I post book reviews of impossibly big reads on this blog. They’re the literary heavyweights, usually on the older side. Don’t be afraid of a history lesson. A heavy classic needs only a big attitude, big ideas, and more than a little bit of profundity. These books change the way people read. Some change the world. They’re a mountain range of world literature, high peaks that few dare to climb today.
The Gulag Archipelago by Aleksandr Solzhenitsyn 704 pages Published in 1976
Could a government fail this badly?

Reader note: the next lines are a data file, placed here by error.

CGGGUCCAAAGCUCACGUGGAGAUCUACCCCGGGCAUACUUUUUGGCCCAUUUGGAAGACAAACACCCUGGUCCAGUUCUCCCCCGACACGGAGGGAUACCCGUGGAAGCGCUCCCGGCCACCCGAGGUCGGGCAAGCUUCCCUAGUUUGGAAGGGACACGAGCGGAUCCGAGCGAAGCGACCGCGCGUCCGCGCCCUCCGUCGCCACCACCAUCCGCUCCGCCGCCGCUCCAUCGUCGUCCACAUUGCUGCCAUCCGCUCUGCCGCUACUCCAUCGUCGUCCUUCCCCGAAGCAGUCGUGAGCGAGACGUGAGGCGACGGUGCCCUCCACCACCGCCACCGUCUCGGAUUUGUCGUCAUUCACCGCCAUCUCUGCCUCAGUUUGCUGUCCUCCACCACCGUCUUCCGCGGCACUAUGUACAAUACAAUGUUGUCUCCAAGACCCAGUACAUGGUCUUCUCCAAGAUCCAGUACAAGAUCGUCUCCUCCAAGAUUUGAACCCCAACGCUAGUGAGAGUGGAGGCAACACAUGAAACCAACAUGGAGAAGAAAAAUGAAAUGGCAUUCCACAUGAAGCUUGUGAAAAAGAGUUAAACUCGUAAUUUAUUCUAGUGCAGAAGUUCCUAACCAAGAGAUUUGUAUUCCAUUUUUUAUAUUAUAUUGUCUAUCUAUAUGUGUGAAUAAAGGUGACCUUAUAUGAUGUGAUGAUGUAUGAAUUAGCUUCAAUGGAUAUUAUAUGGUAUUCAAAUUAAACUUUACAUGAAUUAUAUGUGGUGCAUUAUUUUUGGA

The word ‘archipelago’ conjures up images of a restful vacation. The scattered islands of the Aegean Sea are one such setting. People want to go there. And so we realize this oddly-poetic title, The Gulag Archipelago, is laced with sarcasm. Solzhenitsyn was not sent on vacation by his utopian government, the Soviet Union. He and his fellow citizens were not protected, supported, nor empowered. At least eighteen million of them were, by the weakest of connections or for no reason at all, branded as enemies. They were arrested, coerced to confess, sentenced to a prison term that was often fatal, or simply shot. Who would be next?